His first task though is just staying on the court.
Harris fell off because of various injury issues. Since that season, Harris has not played more than 60 games in a season.
He was seemingly fine with the reduction in his role that came with Nikola Jokic and Jamal Murray’s ascendance. He even thrived in his defensive role for that team, becoming a key player in their 3-1 series comeback against the Utah Jazz in 2020.
Indeed, of all his stats last year, his defense was the only thing that really stood out. Last year was a recovery year for Harris as injury slowed him down. And it slowed his offense down.
But even throughout the whole season, Harris rated well defensively.
According to numbers from Basketball Index, he had 3.1 deflections per 75 possessions and 1.0 steals per 75 possessions, both in the top quarter of the league.
There is obviously still work to do. And Harris’ work with the Magic still left a lot to be desired. With the Magic last season, the team had a 117.6 defensive rating with Harris on the floor compared to 116.8 overall after the trade deadline.
Orlando did not get the full effect from Harris last year.
Every team needs a player willing to do the dirty work like Harris does. And that is why Harris remains extremely popular. It is filling in those gaps and helping the team — more specifically, this young team — that will determine Harris’ success.
And so the question for Harris to answer this year is whether he can return to that role and return to that player or whether he will continue to struggle to find his footing yet again. Every player in the league is seeking consistency at the end of the day — it is one of the big stories of Terrence Ross’ career, for instance.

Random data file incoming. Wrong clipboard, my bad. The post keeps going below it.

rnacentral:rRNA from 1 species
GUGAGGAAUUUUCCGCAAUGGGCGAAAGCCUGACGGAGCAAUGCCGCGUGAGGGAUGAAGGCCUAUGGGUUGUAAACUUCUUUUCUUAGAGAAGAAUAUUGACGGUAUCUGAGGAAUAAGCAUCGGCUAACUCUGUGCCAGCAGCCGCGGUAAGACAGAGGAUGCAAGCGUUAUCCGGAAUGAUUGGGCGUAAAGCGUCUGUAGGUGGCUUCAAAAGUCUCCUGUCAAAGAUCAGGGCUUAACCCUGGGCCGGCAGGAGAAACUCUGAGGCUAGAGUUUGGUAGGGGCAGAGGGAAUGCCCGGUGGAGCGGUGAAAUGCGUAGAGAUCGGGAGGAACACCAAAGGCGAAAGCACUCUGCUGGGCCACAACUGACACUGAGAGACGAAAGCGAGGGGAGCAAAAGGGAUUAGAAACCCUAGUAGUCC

And that is where Harris finds himself at this critical crossroads for his career.
Orlando will need more from Harris. The team needs a 3-and-D player. That is always where Harris projected. He was not the near star he looked like in 2018. That was by necessity as much as anything. Holding him to that standard was always a mistake.
So Harris has to find a new standard to play to. He has to set that standard as much as anything this year for his career to continue.
And that is what this season is about. He has a lot to prove and a lot to re-prove with this Magic team. Orlando is going to give him that opportunity to do so.
But with so much young talent — and the prospect of getting some return for him at the trade deadline before his contract expires — Harris will still have to earn it too. He has the history that he can at least do that.
But Harris certainly wants and should be more. He should be a lot more than what the Magic saw in those final 20 games. Perhaps a full offseason and training camp with his new team will help settle things in and give him a clearer understanding of his role.
The Magic are certainly expecting more from Harris this year. A whole lot more. And he has to deliver.
If not for the team, then for himself.
This is the season Harris has been fighting for. And the opportunity he needs to reclaim his path forward.